We traditionally assume that judges, unlike juries, are not prejudiced by impermissible factors, see, e.g., LiButti v. United States, 107 F.3d 110, 124 (2d Cir.1997) (“[M]any of the management problems which a trial court invariably has to wrestle with in order to guard against unfair prejudice when one takes the proverbial Fifth simply do not exist in the context of a bench trial.”); Anderson v. Smith, 751 F.2d 96, 106 (2d Cir.1984) (“[A] judge conducting a bench trial can hear evidence that he ultimately determines to be inadmissible without prejudice to his verdict.”), and we make no exception here. We presume that where, as here, the court defers without further inquiry to the recommendation of the Marshals Service that a defendant be restrained at sentencing, the court will not permit the presence of the restraints to affect its sentencing decision. Cf. United States v. Graham, 72 F.3d 352, 359 (3d Cir.1995) (“[N]othing in the record of [defendant's] sentencing hearing ․ suggest[ed] that the district court relied on [statements from codefendant's sentencing hearing] in imposing [defendant's] sentence ․ [and][w]e are confident that experienced district judges are able to avoid the influence of inappropriate, irrelevant, or extraneous information.”), cert. denied, 516 U.S. 1183, 116 S.Ct. 1286, 134 L.Ed.2d 230 (1996).
B. Motion to Continue
Nor do we find error in the district court's decision to deny the defendant's motion to continue the sentencing hearing, notwithstanding the fact that the Probation Office provided the defendant with a supplement to its PSR on the day before the sentencing hearing, in violation of the timing requirements set forth in Fed. R.Crim. P. 32(b)(6)(C).3 “Absent a showing both that the denial was arbitrary and that it substantially impaired the defendant's opportunity to secure a fair sentence, we will not vacate a sentence because a continuance was denied.” United States v. Prescott, 920 F.2d 139, 146-47 (2d Cir.1990). We find here neither arbitrariness nor a substantial impairment of Zuber's opportunity for a fair sentence in the denial of his motion for a continuance. Chief Judge Murtha assured the defendant that he would not consider any of the allegations raised in the supplementary memorandum, cf. Fed. R.Crim. R. 32(c)(1) (providing that, at sentencing hearing, “[f]or each matter controverted, the court must make either a finding on the allegation or a determination that no finding is necessary because the controverted matter will not be taken into account in, or will not affect, sentencing”); United States v. Taylor, 72 F.3d 533, 550 (7th Cir.1995) (finding no basis for disturbing sentence because of late-filed amendment to PSR where, inter alia, district court gave assurance that it would not consider amendment), and we fail to see, as the defendant urges, that the judge's decision to keep Zuber restrained during the hearing evinces a violation of that assurance.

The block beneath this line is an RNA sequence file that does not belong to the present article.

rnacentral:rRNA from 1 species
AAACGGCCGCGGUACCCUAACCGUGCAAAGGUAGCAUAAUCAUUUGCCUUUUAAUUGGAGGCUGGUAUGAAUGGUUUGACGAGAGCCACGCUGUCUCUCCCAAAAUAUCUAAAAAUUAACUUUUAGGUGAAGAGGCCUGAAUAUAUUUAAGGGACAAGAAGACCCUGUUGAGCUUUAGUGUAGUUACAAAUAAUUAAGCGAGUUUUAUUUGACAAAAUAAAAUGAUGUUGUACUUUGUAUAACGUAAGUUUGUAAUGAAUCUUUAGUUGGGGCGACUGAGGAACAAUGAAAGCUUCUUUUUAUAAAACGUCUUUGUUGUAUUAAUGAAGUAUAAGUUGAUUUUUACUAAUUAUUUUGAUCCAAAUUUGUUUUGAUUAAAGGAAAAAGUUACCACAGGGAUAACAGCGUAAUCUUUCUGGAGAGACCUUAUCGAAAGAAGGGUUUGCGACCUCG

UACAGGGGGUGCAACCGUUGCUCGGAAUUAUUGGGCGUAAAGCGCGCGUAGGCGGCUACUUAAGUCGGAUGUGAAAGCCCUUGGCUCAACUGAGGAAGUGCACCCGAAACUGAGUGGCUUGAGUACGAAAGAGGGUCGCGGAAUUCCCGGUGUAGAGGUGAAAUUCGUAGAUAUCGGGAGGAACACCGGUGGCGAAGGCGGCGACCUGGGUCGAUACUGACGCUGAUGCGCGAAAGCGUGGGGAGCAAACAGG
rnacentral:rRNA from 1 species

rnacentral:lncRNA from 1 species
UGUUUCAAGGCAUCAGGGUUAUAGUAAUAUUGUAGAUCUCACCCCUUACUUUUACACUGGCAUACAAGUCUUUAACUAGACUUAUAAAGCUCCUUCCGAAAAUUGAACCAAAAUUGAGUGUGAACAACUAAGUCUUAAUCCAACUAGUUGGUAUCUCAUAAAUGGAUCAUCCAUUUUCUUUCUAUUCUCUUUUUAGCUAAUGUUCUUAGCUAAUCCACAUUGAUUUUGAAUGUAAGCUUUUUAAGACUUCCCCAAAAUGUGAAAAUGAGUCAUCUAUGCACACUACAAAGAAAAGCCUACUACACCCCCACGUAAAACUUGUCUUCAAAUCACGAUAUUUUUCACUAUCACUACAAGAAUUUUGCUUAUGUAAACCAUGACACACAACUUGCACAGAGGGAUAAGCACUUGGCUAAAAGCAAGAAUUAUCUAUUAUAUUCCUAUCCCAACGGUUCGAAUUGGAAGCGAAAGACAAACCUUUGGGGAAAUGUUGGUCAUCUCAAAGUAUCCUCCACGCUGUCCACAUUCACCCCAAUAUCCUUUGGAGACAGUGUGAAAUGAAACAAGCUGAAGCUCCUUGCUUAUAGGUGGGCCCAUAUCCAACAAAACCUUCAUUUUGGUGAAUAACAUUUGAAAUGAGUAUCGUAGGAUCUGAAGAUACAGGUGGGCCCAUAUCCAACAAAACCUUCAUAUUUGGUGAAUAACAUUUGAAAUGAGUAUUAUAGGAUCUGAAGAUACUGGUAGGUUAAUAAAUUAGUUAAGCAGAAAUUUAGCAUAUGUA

C. Alleged Misstatement of Fact
Finally, we find no basis for disturbing the defendant's sentence in the fact that the court, in explaining its decisions both to increase the defendant's offense level for obstruction of justice and to deny the defendant's motion for an acceptance of responsibility departure, noted that the defendant had “fle[d] the jurisdiction twice.” That the defendant fled from Vermont just prior to trial is not contested. The defendant argues only that the court erred in counting an earlier move from Vermont to Arizona-during the lengthy period following the defendant's arrest but prior to his indictment-as an act of flight. While a defendant may not be sentenced on the basis of information that is “materially untrue,” Prescott, 920 F.2d at 143 (internal quotation marks omitted), on this record, we find nothing “materially untrue” in the district court's characterization of the defendant's pre-indictment move to Arizona as an instance of flight, particularly in light of the fact that, as the defendant concedes, he promptly and for a time assumed an alias upon his arrival there.
We have reviewed all of the defendant's claims and find them to be without merit. Accordingly, we affirm the sentence imposed by the district court.